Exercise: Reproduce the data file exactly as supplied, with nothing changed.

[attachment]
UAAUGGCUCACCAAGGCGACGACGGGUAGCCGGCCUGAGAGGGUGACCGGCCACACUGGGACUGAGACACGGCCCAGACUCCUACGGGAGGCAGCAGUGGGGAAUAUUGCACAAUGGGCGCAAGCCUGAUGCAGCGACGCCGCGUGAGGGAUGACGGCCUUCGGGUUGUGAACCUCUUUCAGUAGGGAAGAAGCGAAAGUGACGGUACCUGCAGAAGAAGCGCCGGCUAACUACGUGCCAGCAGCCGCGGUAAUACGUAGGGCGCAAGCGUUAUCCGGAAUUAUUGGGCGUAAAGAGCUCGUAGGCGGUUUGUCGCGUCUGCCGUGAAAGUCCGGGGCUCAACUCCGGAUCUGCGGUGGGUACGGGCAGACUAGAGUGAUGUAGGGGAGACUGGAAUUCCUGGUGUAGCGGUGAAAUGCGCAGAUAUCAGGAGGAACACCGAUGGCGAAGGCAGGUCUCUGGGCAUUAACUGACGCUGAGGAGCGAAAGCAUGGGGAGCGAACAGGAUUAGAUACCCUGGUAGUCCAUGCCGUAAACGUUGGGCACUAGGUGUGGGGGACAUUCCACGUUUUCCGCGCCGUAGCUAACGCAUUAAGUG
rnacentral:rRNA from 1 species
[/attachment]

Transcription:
UAAUGGCUCACCAAGGCGACGACGGGUAGCCGGCCUGAGAGGGUGACCGGCCACACUGGGACUGAGACACGGCCCAGACUCCUACGGGAGGCAGCAGUGGGGAAUAUUGCACAAUGGGCGCAAGCCUGAUGCAGCGACGCCGCGUGAGGGAUGACGGCCUUCGGGUUGUGAACCUCUUUCAGUAGGGAAGAAGCGAAAGUGACGGUACCUGCAGAAGAAGCGCCGGCUAACUACGUGCCAGCAGCCGCGGUAAUACGUAGGGCGCAAGCGUUAUCCGGAAUUAUUGGGCGUAAAGAGCUCGUAGGCGGUUUGUCGCGUCUGCCGUGAAAGUCCGGGGCUCAACUCCGGAUCUGCGGUGGGUACGGGCAGACUAGAGUGAUGUAGGGGAGACUGGAAUUCCUGGUGUAGCGGUGAAAUGCGCAGAUAUCAGGAGGAACACCGAUGGCGAAGGCAGGUCUCUGGGCAUUAACUGACGCUGAGGAGCGAAAGCAUGGGGAGCGAACAGGAUUAGAUACCCUGGUAGUCCAUGCCGUAAACGUUGGGCACUAGGUGUGGGGGACAUUCCACGUUUUCCGCGCCGUAGCUAACGCAUUAAGUG
rnacentral:rRNA from 1 species